ICYMI: Christopher Macarthur-Boyd on Fleabag
Long live Fleabag creator and star Phoebe-Waller Bridge. May her knowing glances and wicked wit forever grace our screens 'cos she’s really good at it.
One of my favourite things about Phoebe Waller-Bridge's Fleabag is the butt-rock theme music that plays over the closing credits. Composed by her sister Isobel, it’s a 46-second slice of downtuned nu-metal testosterone riffage choc-a-bloc with palm-mutes and pinch harmonics. It’s like the intro to a mid-album filler track by some dreadful band like Static-X or Mudvayne – entirely devoid of wit or nuance. Every time it kicks up at the end of an episode I howl, because it couldn’t be any more unlike the 25 minutes of comedy genius that invariably precedes it.
With the last episode just having been and gone, it looks like the entirety of Fleabag is fleetingly just going to be two series of six episodes each: two and done, like Joy Division, except limited by creative intent instead of tragic suicide.
If you haven’t seen the show, it charts a course navigating through a handful of nervous breakdowns by the sex-addict owner of a guinea pig-themed cafe played by Waller-Bridge. There’s loads of jokes about farts and nipples and grief and haircuts and cum and fannies and arses and dicks. It’s very very funny.
A lot of the tragic hook-ups, featuring characters who are referred to in the credits by such names as Hot Misogynist and Arsehole Guy, bring to mind the very best bits of Girls by Lena Dunham. There’s great use of breaking-the-fourth-wall where the main character talks directly to the viewer. So much so, that if there was a Standard Grade exam in Television, I think a good question would be, 'To what extent is Fleabag influenced by Malcolm In The Middle? (20 marks).'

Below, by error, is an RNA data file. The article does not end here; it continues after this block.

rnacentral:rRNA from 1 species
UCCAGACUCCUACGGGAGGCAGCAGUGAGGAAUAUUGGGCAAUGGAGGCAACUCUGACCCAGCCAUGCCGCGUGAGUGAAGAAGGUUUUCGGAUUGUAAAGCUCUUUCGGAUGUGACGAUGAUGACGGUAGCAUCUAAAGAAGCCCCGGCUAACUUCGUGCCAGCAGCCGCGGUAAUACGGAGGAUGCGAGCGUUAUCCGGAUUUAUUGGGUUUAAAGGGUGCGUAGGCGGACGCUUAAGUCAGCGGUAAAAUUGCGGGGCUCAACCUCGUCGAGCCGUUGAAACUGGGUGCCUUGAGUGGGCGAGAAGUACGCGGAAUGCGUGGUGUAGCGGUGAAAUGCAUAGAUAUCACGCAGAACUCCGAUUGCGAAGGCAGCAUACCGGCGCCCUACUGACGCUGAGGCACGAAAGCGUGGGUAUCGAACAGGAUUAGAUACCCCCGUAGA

I actually read an interview with Waller-Bridge from Bustle a few years ago where she spoke about how influenced Fleabag was by Louie, the avant-garde sitcom by Louis C.K. (the article was published a few months before the sexual misconduct allegations officially came to light). I was a really big fan of that show, and I like Fleabag for the same reasons: they share a slightly heightened reality that allows exploration of the worst of human behaviour while staying grounded enough for the emotional beats to land.
But in light of the #MeToo revelations, I find it difficult to rewatch Louie. For the same reasons I struggle to enjoy his old stand-up specials like Chewed Up and Hilarious – the same ones that inspired me to try stand-up in the first place.
Sitting on the floor of my flat watching the last scene of the series finale of Fleabag with a smile on my face and tears welling in my eyes, I realised that the recently disgraced comic heroes of my teens have already been replaced by a new wave of kind-hearted, dirty and hilarious comedians.
Christopher Macarthur-Boyd can be seen at The Stand Comedy Club, Glasgow 16-18 May, and is currently one of the stars of Up For It on BBC Scotland, which is available on BBC iPlayer